Creating an Environment for Educational Success

As students prepare to return to school, there are several things that parents can do to help their children succeed in the classroom and in life.

When discussing studying success, learning styles and learning differences need to be taken into consideration.  65% percent of people are visual learners, while 30% are auditory and 5% are tactile or kinesthetic.  Try to identify your child’s learning style, as well as, other individual conditions they might have, to help create a study environment that works with their strengths.

Consider neurological conditions (ADD or AD/HD, Autism, Asperger’s), personality types, primary language, and physical challenges.  Pay attention to any assertion of beliefs or attitudes your child might have- “Math is stupid”, “Who needs French anyway – that’s just for girls”, “I’ll never be good at that”.  Talk to your child about these beliefs and try to encourage them to have a balanced attitude towards all subjects.

We must also acknowledge the effect changes in our society have on how children learn and grow into independent adults.  The structure of families has changed. Whether we like it or not parents have a bigger need to protect their children. Fewer children walk to school by themselves. Children taking responsibility for their learning and school work will help them gain independence as they grow up.

The biggest influence parents can have on their children’s education success is creating an environment of learning and discovery at home.  Having educational books, magazines, videos, and software will encourage your children to make learning part of their everyday life.  Consider the educational value of toys you buy.  Encourage interest in a variety of activities and topics.  Get the whole family involved by visiting historic sites and museums and having family game nights.

The best way a parent can help a student at home is by ensuring they have a quiet study area with all the necessary supplies. It is not only important to have the right things but also to avoid the wrong things.  Eliminate distractions is key to having a space conducive to learning.  Students that help create their study space are more inclined to study in it because of the sense of ownership.

Consider these study environment aids:

-Desk pad
-Comfortable, supportive chair
-Trash can
-Open top file box
-Corkboard
-Rolling drawers
-Calendar, planner
-Clock, timer

Helping your child grow into a independent adult means teaching them how to manage all the things in their life.  Leading by example is a great, but working with your child to create organizing systems that work for them, will give them a boost.  Here are some key organizing principles that can be taught to kids and that will serve them through to adulthood.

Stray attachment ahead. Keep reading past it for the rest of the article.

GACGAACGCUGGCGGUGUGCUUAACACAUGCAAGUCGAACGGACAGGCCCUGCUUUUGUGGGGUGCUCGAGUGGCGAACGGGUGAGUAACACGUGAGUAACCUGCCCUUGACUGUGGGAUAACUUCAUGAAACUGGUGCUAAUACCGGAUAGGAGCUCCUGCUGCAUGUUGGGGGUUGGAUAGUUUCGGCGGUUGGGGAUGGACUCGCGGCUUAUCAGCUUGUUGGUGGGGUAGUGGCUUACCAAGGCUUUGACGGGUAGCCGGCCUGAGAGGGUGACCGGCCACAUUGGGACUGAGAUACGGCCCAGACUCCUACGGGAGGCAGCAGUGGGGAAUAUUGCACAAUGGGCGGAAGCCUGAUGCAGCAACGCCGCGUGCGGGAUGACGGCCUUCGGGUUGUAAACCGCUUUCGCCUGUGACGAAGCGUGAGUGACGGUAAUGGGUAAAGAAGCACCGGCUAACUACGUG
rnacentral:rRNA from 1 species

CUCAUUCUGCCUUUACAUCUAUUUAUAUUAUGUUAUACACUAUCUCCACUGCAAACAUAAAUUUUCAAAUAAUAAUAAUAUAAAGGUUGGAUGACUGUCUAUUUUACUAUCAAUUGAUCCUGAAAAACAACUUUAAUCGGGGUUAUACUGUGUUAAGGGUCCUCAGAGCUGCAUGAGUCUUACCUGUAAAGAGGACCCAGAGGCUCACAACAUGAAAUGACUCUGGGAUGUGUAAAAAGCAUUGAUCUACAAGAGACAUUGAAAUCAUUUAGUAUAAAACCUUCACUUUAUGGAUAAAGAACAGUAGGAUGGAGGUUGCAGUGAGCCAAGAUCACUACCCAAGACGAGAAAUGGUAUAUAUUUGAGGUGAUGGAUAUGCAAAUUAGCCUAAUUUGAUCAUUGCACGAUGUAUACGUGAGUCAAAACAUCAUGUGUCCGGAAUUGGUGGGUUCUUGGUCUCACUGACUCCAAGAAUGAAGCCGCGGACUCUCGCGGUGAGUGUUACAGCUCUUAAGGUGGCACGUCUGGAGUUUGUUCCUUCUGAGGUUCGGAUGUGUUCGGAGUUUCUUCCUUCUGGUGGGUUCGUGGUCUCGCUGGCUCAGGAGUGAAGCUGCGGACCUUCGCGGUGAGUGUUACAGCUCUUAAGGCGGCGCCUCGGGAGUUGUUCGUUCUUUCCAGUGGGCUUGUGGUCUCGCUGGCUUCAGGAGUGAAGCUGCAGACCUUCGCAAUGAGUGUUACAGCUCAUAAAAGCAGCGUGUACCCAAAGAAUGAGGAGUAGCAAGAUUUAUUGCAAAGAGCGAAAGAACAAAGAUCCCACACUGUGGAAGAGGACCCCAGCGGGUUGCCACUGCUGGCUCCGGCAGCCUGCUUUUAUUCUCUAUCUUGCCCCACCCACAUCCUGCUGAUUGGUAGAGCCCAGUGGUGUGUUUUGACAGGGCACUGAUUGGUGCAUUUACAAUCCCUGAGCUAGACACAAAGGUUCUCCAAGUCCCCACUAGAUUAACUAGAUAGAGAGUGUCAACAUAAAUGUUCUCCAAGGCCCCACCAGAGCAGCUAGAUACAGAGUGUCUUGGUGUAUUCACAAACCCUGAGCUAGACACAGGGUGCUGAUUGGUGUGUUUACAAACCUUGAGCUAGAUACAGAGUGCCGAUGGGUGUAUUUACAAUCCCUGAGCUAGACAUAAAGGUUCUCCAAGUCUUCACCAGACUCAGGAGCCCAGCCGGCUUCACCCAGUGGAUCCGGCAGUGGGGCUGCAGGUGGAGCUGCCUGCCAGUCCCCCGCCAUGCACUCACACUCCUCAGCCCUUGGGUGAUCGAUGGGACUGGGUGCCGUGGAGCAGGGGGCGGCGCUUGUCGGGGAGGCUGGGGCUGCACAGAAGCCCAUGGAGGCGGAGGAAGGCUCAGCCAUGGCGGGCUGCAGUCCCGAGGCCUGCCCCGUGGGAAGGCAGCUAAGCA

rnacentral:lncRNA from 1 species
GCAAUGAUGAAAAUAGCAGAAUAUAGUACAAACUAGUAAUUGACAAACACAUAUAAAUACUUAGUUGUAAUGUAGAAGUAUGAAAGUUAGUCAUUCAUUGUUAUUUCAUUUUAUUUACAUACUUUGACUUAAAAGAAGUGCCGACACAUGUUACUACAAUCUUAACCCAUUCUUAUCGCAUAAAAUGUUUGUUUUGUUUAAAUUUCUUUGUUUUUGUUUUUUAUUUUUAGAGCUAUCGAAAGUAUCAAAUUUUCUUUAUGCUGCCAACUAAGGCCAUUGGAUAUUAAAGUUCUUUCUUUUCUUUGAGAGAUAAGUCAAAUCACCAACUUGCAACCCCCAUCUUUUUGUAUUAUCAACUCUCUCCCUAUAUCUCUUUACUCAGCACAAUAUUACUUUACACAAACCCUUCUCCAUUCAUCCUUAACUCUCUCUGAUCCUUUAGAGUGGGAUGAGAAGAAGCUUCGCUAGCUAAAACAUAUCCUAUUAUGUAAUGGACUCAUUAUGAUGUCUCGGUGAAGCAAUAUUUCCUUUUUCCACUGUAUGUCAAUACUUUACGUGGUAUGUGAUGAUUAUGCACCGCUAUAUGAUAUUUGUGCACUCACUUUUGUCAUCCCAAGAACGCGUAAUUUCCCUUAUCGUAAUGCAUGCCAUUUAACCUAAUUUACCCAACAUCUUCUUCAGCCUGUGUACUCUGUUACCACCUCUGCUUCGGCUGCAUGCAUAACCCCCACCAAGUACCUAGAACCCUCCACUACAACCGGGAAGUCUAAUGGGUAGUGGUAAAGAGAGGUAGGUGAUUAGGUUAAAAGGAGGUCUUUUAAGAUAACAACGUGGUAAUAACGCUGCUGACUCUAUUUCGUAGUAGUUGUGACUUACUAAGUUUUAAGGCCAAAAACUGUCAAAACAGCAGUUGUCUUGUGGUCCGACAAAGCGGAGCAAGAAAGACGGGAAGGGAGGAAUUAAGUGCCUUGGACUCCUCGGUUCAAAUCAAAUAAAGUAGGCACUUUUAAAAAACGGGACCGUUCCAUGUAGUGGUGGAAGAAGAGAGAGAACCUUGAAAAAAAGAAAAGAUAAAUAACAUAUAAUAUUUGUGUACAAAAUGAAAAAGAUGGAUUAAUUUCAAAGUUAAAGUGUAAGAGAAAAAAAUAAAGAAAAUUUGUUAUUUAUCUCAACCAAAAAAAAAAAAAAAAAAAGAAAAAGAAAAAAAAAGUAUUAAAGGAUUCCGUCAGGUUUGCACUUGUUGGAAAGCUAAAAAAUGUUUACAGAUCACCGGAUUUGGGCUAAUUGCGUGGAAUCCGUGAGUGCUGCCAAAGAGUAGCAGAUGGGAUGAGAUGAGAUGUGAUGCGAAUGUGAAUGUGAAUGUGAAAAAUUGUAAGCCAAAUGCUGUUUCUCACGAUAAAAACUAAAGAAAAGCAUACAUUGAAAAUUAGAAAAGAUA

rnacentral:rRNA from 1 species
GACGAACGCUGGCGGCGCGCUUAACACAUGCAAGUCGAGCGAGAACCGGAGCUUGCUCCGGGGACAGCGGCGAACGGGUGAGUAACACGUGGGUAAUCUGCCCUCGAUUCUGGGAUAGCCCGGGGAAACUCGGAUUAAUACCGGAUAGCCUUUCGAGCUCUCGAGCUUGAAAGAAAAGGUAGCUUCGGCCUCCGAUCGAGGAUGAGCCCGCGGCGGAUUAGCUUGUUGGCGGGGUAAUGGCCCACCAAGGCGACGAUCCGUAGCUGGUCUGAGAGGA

Near and Far- things that you need the most often should be closest to you. Things you need the least, place farther away

Like Things Go Together- Place all toys, books, games etc. that are alike in one storage location

Everything Has a Home- Just as you go home each day, your things go to their home at end of the day, when finished homework or play time

When we get older we take on more responsibility around the house- We do more chores, we help out where we can

Launch Pad-a place to set things to get them moving toward the next location – top of stairs, by your bedroom door to take downstairs. Your book bag is also a launch pad. Reinforcing students that organization is a learning process will help them understand that organization won’t come over night.  It’s something you have to work at, and the more organized you are, the better the results will be.

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About Organize Anything

Colette is a Gold Leaf member of the Professional Organizers in Canada (POC). Through the Canadian Redesign Association (CRDA) she has received the designation of Certified Interior Redesigner. She is also a member of the U.S. professional organizing associations National Association of Professional Organizers (NAPO) where she has the Golden Circle distinction and is a member of Intsitute of Challenging Disorganization (ICD) where she is the first in Canada to receive her Certified Professional Organizer –CD (Chronic Disorganization) ®, ADD and CD specialist Certificates. Among her many distinctions she has also earned Level I certificates of study in Chronic disorganization (CD), Basic Mental Health Conditions, Learning Styles and Modalities, Basic ADD Issues, Physical Conditions, Client Administration and Understanding the Needs of Elderly.

Posted on September 4, 2012, in Home and tagged , , , , , , , , , , , , , . Bookmark the permalink. Leave a comment.

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